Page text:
Article 5, The Never Prayer, and Me Holding a Baby

Holy guacamole, I am about as tired as you can get, but I’m going to fight this sleep a little more as I really want to stick to this new plan of blogging on Mondays, Wednesdays, and Fridays.

So I’ve finally gotten to a new book after plowing through Kristen SimmonsArticle 5 a few days ago. If you haven’t checked that book out then you probably should stop whatever you’re doing and get it. The book follows the story of a girl living in this post-WWIII America where a Christian theocracy has come into power. Are you freaked yet?

In this Santorumesque world, the government has suspended the Bill of Rights, opting for a simpler–albeit wicked brutal–set of rules called the Moral Statutes. These new statutes totally screw over everybody who A.) isn’t Christian, and/or B.) doesn’t have a penis. The opening scene totally dragged me in, kicking off with the protagonist getting ripped away from her mom because of the institution of the latest statute–Article 5. This new rule literally makes it a crime to have been born out of wedlock. How bad would that suck, right? Seeing as I don’t like being a book spoiler, I’m going to leave the plot outline there and hope you’re hooked enough to check this thing out.

While I was reading this book I kept thinking it was like a YA version of The Handmaid’s Tale, except with more forbidden teen romance in place of the subjugation of women and the Orwellian destruction of language. Not to say Simmons’ worldbuilding lacked anything, but Atwood’s vision of a Judeo-Christian theocracy in the United States is more brutal than Norwegian black metal. That thing makes all these YA dystopian settings look like a five-year old’s vision of Candyland rather than a post-apocalyptic autocratic state.

Still though, I think Article 5 totally shoots and scores on what I think it was aiming to do: be a romantic YA novel that touches on current issues involving religion and its place in the political conversation if it is left to run rampant. And if thats what Simmons was aiming for then I think she totally kicked ass at it. Well done, Kristen!

So yeah, I need to do some talking about this new book I’ve been getting into from Aaron M. Ritchey called The Never Prayer. Let me be straight with you becuase when I saw that this book had angels in it I was a bit hesitant to pick the thing up. Not that I don’t like paranormal stuff–Lord knows I love me some paranormality–but when it comes to angels my brain goes straight to romance. And not the super dramatic let’s-kill-ourselves-and-be-together-forever kind of romance (that stuff can be cool) but rather the sparkly vampire kind, know what I mean?

I’m stoked to say that so far I’ve been wrong. This book doesn’t have any sparkles at all so far, which is a total plus for me. I’m only a couple of chapters in–my stupid Kindle kept updating–but so far I get the idea that there’s some risqué stuff going on with the girl we’re following. I’m talking risqué as in she could have had a song written about her by The Police, asking her not to “turn on the red light.” You picking up what I’m putting down? I hope so.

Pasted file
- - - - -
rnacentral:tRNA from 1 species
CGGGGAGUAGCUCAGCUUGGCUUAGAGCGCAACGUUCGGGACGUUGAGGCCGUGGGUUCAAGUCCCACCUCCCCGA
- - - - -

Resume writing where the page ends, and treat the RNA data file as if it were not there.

Yep, that's me holding a baby.

So yeah, that’s about it. I want to apologize right now if any parts of this post are screwy as I am about to fall asleep on my keyboard. Also, check out this picture of me holding a baby. Every time someone let’s me hold their baby I always start to think, “Man, I need one of these.”

Have a good night!

Sappy Sundays: Who Said It?

If you knew that yesterday’s quote was from Ender’s Game then you get a high five. In fact, you get the highest five I can manage, which is pretty high considering that I’m 6’6″. On a side note, did you know they’re making an Ender’s Game movie? How fricken awesome is that shiznit? I think Harrison Ford might be the only big name they have going for it so far, but even with just him it could be dope.

Here’s your quote for the day, peeps. Get it!

“Life’s greatest happiness is to be convinced we are loved.”

Sci-Fi Saturdays: Who Said It?

So if you didn’t guess it, yesterday’s quote was from The Girl of Fire and Thorns by Rae Carson. I loved this book so much that I wrote a little review for it which you can peep here. If I could make all of you read this awesome book then I totally would. But I can’t, so I’ll just ask you nicely. Please please please read this book. It is fricken sweet.

Onto the quote for today!

“‘You’re a monster.’
‘Thanks. Does this mean I get a raise?’
‘No, just a medal. The budget isn’t inexhaustable.'”

Fantasy Friday: Who Said It?

Did you guess the one from yesterday? If you did, I love you a little more than I did before. That quote was from my main man Hoban “Wash” Washburn, the pilot on a little Firefly-class shipper that does work around the Rim worlds. Captained by a Malcom Reynolds, I believe. You might have heard of him. He’s kind of a big deal.

Anyways, check out this bad mamajama and let me know what you think.

“Honor from death,” I snap, “is a myth. Invented by the war torn to make sense of the horrific. If we die, it will be so that others may live. Truly honorable death, the only honorable death, is one that enables life.”